15. Environmental exposure assessment in European birth cohorts: results from the ENRIECO project

    Directory of Open Access Journals (Sweden)

    Gehring Ulrike

    2013-01-01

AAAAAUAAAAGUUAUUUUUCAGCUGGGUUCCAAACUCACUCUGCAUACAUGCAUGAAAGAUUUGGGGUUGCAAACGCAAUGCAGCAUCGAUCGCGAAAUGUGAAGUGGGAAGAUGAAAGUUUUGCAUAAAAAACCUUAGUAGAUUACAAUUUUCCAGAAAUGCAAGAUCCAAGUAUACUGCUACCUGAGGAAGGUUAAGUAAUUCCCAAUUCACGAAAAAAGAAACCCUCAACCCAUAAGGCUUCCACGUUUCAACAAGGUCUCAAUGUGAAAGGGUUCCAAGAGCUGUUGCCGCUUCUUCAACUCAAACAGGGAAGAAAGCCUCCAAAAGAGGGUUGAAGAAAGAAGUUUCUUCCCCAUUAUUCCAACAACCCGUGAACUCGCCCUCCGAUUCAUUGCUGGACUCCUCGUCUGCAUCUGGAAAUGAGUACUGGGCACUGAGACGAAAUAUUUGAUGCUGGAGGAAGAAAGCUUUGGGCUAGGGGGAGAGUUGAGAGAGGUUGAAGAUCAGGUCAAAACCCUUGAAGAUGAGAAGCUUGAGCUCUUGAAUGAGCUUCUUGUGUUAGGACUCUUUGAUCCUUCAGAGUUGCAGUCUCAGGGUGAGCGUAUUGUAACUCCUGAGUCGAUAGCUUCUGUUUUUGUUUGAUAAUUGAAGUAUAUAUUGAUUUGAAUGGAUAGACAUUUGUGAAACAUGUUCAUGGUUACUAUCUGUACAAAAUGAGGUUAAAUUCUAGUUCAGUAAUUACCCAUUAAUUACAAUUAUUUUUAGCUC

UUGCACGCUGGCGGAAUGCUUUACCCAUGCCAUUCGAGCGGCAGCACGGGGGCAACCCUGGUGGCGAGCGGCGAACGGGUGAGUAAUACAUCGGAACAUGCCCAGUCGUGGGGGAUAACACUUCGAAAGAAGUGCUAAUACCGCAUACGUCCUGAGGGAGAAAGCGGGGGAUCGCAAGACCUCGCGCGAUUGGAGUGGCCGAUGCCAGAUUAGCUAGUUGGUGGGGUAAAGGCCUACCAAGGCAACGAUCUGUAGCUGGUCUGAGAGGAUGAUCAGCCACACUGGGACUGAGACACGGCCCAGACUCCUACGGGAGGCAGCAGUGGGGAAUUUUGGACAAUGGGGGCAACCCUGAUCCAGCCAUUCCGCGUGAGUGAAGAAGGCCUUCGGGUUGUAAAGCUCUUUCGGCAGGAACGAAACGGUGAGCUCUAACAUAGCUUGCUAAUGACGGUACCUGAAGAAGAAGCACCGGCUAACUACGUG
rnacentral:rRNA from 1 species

Full Text Available Abstract Environmental exposures during pregnancy and early life may have adverse health effects. Single birth cohort studies often lack statistical power to tease out such effects reliably. To improve the use of existing data and to facilitate collaboration among these studies, an inventory of the environmental exposure and health data in these studies was made as part of the ENRIECO (Environmental Health Risks in European Birth Cohorts project. The focus with regard to exposure was on outdoor air pollution, water contamination, allergens and biological organisms, metals, pesticides, smoking and second hand tobacco smoke (SHS, persistent organic pollutants (POPs, noise, radiation, and occupational exposures. The review lists methods and data on environmental exposures in 37 European birth cohort studies. Most data is currently available for smoking and SHS (N=37 cohorts, occupational exposures (N=33, outdoor air pollution, and allergens and microbial agents (N=27. Exposure modeling is increasingly used for long-term air pollution exposure assessment; biomonitoring is used for assessment of exposure to metals, POPs and other chemicals; and environmental monitoring for house dust mite exposure assessment. Collaborative analyses with data from several birth cohorts have already been performed successfully for outdoor air pollution, water contamination, allergens, biological contaminants, molds, POPs and SHS. Key success factors for collaborative analyses are common definitions of main exposure and health variables. Our review emphasizes that such common definitions need ideally be arrived at in the study design phase. However, careful comparison of methods used in existing studies also offers excellent opportunities for collaborative analyses. Investigators can use this review to evaluate the potential for future collaborative analyses with respect to data availability and methods used in the different cohorts and to identify potential partners